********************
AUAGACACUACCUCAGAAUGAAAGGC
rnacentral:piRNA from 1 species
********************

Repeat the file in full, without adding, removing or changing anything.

AUAGACACUACCUCAGAAUGAAAGGC
rnacentral:piRNA from 1 species